The study presented an interesting anomaly: the low volatile and glycoconjugated phenol concentrations one day after smoke exposure did not explain the increase in concentrations observed during further ripening. This finding suggests that intermediate forms of the “smoke taint” phenols exist for a short period of time that are not detectable by the current GC-MS and LC-MS/MS methods.

The kaolin treatment had no effect on the uptake of volatile phenols and glycoconjugate formation in the case of Sauvignon blanc, and only a moderate effect on the uptake of some phenols in the case of Chardonnay. Kaolin applied as an aqueous suspension (mixed with water) to fruit and foliage before smoke treatment did have a significant effect on the uptake of volatile phenols in the case of Merlot. Reductions of 58 – 92% of most volatile phenol glycoconjugates measured at maturity were observed.

Spectral reflectance measurements were only successful differentiating between control and smoke-exposed grapes in the case of Chardonnay at one and seven days and Sauvignon blanc at one day after exposure, but not at seven days.

 

Significance of the study

Merlot have had the highest glycoconjugated phenol concentrations after smoke treatment compared to Sauvignon blanc and Chardonnay. Kaolin application to foliage and grapes can potentially mitigate volatile phenol uptake, as demonstrated in the case of Merlot. Spectral reflectance measurements have potential, but further research is needed.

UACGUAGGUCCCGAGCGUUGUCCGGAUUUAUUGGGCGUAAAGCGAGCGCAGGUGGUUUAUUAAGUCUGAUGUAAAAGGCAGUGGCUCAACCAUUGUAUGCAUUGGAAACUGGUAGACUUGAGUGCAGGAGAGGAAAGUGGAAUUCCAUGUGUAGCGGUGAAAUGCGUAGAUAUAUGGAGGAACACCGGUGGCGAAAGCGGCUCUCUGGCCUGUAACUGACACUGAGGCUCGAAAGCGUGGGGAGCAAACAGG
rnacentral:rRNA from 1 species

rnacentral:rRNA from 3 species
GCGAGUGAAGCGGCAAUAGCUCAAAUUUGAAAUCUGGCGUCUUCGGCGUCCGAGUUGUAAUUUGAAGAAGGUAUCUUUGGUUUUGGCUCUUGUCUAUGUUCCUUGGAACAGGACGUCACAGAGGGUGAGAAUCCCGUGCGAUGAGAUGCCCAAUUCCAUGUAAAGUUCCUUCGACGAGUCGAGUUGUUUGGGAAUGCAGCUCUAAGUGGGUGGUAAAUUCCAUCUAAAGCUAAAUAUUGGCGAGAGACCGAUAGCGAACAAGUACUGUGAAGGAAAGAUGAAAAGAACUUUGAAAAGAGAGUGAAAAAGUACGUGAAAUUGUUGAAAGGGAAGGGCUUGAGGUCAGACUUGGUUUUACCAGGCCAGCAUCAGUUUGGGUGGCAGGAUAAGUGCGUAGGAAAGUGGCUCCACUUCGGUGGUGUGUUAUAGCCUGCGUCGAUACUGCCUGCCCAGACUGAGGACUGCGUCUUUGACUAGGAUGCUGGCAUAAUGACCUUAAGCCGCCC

Abstract

In a recently published study (January 2019) Australian researchers investigated the accumulation of volatile phenol glycoconjugates in different grape varieties following exposure to smoke ten days after veraison.3 In addition they investigated possible mitigation of smoke taint by foliar application of kaolin, as well as whether they could detect smoke-tainted grapes in the vineyard using a handheld spectrometer.

The study found significant differences in glycoconjugate concentrations between grape varieties, as well as within the same grape variety, depending on the time of measurement. Kaolin was able to significantly reduce glycoconjugate concentrations in only one grape variety and the differentiating between control and smoke-tainted grapes using a handheld spectrometer was also effective for one grape variety only.

 

References

  1. Ristic, R., Van der Hulst, L., Capone, D.L. & Wilkinson, K.L., 2017. Impact of bottle aging on smoke-tainted wines from different grape cultivars. Journal of Agricultural and Food Chemistry 65, 4146 – 4152.
  2. Mayr, C.M., Parker, M., Baldock, G.A., Black, C.A., Pardon, K.H., Williamson, P.O., Herderich, M.J. & Francis, I.L., 2014. Determination of the importance of in-mouth release of volatile phenol glycoconjugates to the flavor of smoke-tainted wines. Journal of Agricultural and Food Chemistry 62(11), 2327 – 2336.
  3. Van der Hulst, L., Munguia, P., Culbert, J.A., Ford, C.M., Burton, R.A. & Wilkinson, K.L., 2019. Accumulation of volatile phenol glycoconjugates in grapes following grapevine exposure to smoke and potential mitigation of smoke taint by foliar application of kaolin. Planta, https://doi.org/10.1007/s00425-018-03079-x.

 

– For more information, contact Karien O’Kennedy at karien@winetech.co.za.